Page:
MainSource Financial Group says it cares deeply about its employees’ well-being and wanted to improve the culture at work.
The Greensburg, Ind., based community bank, which serves customers in Indiana, Kentucky, Ohio and Illinois, partnered with Gallup in 2011 to conduct employee engagement surveys. It wanted to find out what its employees cared about and what they were most concerned about.
From there, MainSource began to apply the philosophy found in Gallup’s book “Well Being: The Five Essential Elements,” which focuses on five areas of well-being: physical, financial, social, community and purpose.
The physical component came fairly easily, says Mollie Fry, well-being administrator for MainSource Financial Group. The company offers its employees medical, dental and vision benefits, along with life and disability benefits. It also started its Live Well program, which focuses on physical and financial well-being.
“Our employees are given a dollar amount each year to spend on anything they consider physical or financial well-being,” Fry says. The company requires employees to obtain a biometric screening for eligibility into the Live Well program. They can establish what their baseline is and how they want to progress moving forward. “The company does not see the results of that screening,” she says.
The money can be utilized in a variety of ways, including gym memberships, fitness devices, exercise equipment, will preparation and debt counseling. “We are a financial institution. It is very important for our employees to have physical well-being as well as financial well-being,” Fry says.
The company wanted to offer its employees programs that fit well with its overall focus on well-being.
“We don’t want to just check a box saying, ‘Yes, we offer some sort of financial well-being to our employees,’ then move on to the next item,” Fry says. “We want to offer something of benefit to our employees and help them with the behavior.”
In 2015, MainSource partnered with Dave Ramsey’s Smart Dollar program to help teach workers how to save money. It offers the program to all of its approximately 950 employees. “It teaches lifestyle change — really changing your behavior,” Fry says.
Dan Rolfson, director of relationship management, financial wellness team, at Dave Ramsey, says the program is great fit for MainSource.
“It’s fun to serve the companies that don’t look at this as something they have to do, but get to do,” he says. “They have a great culture. They want to help their team.”
Smart Dollar is an online financial wellness program that can help employees, no matter where they are financially, figure out the next steps toward financial security. Employees with financial pressures or stress are more likely to miss work or be less productive at work. The program, which has been operating at MainSource Bank for 18 months, has a 58% participation rate.
Late last year, Smart Dollar added a level of gamification to the program called Smart Dollar Points.
“We’ve learned over the past 25 years, taking these programs into different markets, that information is useless. We’ve all tried to get people to do smart things with money. The whole retirement industry has tried to do that since the 401(k) first came out 40 years ago. They don’t do it,” says Brian Hamilton, director of relationship management for financial wellness at Smart Dollar.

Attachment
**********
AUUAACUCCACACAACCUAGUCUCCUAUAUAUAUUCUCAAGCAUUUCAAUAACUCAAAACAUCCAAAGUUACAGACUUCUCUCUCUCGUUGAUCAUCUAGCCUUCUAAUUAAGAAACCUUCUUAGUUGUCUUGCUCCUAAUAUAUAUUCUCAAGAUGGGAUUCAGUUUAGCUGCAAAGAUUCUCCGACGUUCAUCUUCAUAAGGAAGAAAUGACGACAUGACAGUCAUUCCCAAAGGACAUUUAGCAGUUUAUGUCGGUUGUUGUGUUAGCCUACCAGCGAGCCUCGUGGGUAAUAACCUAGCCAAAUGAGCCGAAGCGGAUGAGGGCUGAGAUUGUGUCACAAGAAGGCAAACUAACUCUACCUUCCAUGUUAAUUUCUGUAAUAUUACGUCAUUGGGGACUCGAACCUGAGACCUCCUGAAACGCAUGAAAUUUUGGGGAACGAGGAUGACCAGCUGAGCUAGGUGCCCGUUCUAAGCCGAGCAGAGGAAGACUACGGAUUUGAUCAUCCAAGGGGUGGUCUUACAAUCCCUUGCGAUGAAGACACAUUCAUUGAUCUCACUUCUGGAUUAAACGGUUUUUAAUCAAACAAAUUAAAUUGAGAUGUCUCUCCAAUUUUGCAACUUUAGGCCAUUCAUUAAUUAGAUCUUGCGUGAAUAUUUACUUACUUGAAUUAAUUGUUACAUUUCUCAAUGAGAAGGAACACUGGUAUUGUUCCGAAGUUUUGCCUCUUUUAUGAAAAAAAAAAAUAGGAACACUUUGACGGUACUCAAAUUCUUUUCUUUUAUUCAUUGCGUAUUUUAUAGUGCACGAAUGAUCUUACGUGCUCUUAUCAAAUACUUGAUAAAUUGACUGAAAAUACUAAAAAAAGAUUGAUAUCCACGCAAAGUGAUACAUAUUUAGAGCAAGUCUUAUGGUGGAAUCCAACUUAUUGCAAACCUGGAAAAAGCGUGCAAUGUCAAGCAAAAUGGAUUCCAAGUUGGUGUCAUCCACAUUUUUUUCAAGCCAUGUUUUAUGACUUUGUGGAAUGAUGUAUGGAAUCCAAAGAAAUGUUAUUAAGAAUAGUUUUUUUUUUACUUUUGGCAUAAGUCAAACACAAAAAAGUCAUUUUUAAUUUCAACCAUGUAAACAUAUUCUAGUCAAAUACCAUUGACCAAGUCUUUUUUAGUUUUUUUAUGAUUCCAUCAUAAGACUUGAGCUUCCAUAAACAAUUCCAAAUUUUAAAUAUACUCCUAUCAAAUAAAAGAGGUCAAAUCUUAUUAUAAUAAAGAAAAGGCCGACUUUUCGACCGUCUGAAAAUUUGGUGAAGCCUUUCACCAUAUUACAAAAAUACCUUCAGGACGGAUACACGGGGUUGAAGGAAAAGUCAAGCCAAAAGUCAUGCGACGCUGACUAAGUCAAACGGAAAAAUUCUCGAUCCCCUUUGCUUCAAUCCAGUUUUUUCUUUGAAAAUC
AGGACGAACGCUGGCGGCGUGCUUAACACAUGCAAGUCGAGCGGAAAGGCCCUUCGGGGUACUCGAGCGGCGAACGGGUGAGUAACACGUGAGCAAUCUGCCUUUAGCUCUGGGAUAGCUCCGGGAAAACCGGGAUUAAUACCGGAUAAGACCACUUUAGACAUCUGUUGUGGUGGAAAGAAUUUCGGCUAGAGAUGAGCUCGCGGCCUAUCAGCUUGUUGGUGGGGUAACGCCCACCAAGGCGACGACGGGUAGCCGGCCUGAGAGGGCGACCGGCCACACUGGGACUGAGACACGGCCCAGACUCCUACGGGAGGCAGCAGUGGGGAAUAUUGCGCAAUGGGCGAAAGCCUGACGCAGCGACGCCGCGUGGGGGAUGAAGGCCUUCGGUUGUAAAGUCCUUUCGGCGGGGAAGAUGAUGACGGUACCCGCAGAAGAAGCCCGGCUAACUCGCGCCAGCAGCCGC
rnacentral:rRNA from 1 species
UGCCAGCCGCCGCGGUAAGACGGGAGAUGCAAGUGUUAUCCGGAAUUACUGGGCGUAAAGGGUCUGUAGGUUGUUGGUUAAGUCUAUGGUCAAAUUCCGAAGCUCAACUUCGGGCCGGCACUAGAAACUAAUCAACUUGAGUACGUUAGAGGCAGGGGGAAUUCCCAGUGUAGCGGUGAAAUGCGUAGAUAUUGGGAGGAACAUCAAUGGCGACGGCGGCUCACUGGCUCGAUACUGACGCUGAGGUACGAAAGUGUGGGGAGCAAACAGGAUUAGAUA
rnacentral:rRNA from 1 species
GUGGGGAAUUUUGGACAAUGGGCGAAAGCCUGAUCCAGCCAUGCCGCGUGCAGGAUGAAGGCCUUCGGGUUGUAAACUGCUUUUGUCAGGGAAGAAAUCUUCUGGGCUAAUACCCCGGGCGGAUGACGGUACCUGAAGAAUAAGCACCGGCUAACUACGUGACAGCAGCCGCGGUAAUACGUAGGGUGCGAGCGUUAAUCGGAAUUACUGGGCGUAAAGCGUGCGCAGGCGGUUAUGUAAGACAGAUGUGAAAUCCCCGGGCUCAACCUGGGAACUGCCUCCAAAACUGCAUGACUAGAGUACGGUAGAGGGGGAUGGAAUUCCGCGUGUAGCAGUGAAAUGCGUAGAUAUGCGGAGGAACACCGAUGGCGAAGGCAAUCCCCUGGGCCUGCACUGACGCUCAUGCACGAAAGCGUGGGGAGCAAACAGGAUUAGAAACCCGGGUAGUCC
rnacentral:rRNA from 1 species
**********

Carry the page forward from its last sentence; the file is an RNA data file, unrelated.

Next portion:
Participants earn points for engaging in the program in ways that change their behavior, he says — not just for logging in and out, but for things that drive behavior change.
“You have to give them inspiration and motivation to do things they know they should be doing. Smart Dollar blends motivation and inspiration and puts them in an environment that encourages that success,” Hamilton says.
The company sends out monthly communications to its employees regarding the Smart Dollar program.
“We use a lot of different techniques, so our employees know it is not just for those who are financially struggling,” Fry says. It could be for someone who has no debt who is gearing up for retirement, she says, or for someone who wants to save up to buy a house.
Fry appreciates that the program is all online so that employees can share the program with those in their household with whom they share financial responsibility.
MainSource has piloted a Weight Watchers at work program to encourage employees to eat healthier and change behaviors in their everyday lives. The company also hosts a walking challenge annually. For the past two years, employees have formed five-person teams to try and walk 1,000 miles in 12 weeks.
The program is a way for MainSource to encourage team-building.
Many MainSource Bank employees hold walking meetings or enter 5K races to get their steps in for the walking challenge. The company offers prizes every other week and a grand prize at the end of the challenge that includes travel vouchers. Forty-six percent of its employees participate in the walking challenge.
See also: 10 ways to do employee wellness right
“Our idea is to get our employees moving,” Fry says. “A lot of our positions are desk jobs, and we want our employees to be aware of that, so we promote healthy lifestyles and well-being.”
Register or login for access to this item and much more
All Employee Benefit News content is archived after seven days.
Community members receive:
- All recent and archived articles
- Conference offers and updates
- A full menu of enewsletter options
- Web seminars, white papers, ebooks
Already have an account? Log In
Don't have an account? Register for Free Unlimited Access